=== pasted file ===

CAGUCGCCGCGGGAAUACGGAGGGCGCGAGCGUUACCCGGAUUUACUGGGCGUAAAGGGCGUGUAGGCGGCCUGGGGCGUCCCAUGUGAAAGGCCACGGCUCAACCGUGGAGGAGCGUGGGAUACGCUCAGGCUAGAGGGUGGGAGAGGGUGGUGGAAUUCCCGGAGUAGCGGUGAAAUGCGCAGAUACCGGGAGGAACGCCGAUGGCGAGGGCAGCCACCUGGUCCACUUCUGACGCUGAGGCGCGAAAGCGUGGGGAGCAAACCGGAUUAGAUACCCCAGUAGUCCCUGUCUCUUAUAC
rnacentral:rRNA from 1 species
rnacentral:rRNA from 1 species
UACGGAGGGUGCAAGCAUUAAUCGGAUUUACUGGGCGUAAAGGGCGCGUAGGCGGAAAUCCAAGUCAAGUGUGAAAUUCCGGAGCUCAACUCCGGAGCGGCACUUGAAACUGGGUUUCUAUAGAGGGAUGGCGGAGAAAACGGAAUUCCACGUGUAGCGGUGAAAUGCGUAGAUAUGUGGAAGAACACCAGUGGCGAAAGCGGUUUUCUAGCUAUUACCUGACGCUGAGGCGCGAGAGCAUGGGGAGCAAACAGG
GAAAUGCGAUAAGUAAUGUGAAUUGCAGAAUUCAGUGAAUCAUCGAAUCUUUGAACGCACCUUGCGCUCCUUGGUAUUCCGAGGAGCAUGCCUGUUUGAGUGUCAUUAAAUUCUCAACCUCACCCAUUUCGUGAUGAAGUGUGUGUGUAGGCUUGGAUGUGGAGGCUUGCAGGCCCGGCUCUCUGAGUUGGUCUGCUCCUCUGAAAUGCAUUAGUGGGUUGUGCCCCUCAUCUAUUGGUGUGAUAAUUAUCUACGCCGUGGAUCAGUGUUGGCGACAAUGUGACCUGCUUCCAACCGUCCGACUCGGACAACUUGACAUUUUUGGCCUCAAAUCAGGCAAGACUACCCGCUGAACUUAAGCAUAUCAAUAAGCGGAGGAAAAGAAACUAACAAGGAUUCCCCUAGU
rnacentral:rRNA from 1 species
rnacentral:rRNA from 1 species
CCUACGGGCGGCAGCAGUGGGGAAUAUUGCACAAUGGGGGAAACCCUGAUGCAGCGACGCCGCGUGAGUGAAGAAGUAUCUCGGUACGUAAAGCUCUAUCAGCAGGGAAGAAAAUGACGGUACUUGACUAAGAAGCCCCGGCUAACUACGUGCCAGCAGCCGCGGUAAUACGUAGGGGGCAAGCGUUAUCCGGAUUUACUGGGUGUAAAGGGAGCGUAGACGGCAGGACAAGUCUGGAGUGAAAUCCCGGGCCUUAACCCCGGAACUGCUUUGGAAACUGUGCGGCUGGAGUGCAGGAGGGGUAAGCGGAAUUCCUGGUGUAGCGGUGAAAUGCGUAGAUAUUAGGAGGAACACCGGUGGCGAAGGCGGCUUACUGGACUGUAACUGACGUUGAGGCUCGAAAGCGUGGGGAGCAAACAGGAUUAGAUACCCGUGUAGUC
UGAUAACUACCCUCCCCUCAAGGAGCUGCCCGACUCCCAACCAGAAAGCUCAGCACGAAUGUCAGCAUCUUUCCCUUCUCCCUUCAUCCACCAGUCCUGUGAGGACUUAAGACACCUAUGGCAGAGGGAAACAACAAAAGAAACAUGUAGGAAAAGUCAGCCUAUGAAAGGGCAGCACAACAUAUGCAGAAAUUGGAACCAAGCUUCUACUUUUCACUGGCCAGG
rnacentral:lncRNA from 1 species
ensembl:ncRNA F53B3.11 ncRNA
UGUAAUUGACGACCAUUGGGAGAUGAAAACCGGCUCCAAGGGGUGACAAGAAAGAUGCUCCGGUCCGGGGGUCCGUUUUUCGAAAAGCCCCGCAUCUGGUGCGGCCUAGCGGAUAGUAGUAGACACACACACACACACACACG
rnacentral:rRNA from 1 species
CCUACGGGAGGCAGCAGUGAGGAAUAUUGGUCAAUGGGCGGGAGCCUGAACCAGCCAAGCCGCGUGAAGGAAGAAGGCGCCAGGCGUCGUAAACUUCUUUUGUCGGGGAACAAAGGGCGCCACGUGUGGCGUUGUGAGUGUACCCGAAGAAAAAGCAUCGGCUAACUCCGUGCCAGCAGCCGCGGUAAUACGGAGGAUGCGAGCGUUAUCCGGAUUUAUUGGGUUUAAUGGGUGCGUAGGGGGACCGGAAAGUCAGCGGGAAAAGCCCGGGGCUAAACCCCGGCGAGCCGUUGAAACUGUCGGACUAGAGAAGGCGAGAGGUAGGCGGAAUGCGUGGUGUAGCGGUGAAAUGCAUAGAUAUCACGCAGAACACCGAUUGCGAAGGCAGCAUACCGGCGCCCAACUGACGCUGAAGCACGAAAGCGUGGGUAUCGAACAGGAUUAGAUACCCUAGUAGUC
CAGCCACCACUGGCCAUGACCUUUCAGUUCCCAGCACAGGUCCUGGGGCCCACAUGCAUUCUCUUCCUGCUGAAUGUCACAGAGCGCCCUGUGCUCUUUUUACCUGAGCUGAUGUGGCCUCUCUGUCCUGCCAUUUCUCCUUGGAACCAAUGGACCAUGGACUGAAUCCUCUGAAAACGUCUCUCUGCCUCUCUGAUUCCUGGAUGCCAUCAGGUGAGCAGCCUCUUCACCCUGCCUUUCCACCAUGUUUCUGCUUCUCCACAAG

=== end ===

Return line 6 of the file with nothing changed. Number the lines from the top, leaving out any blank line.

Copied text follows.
rnacentral:rRNA from 1 species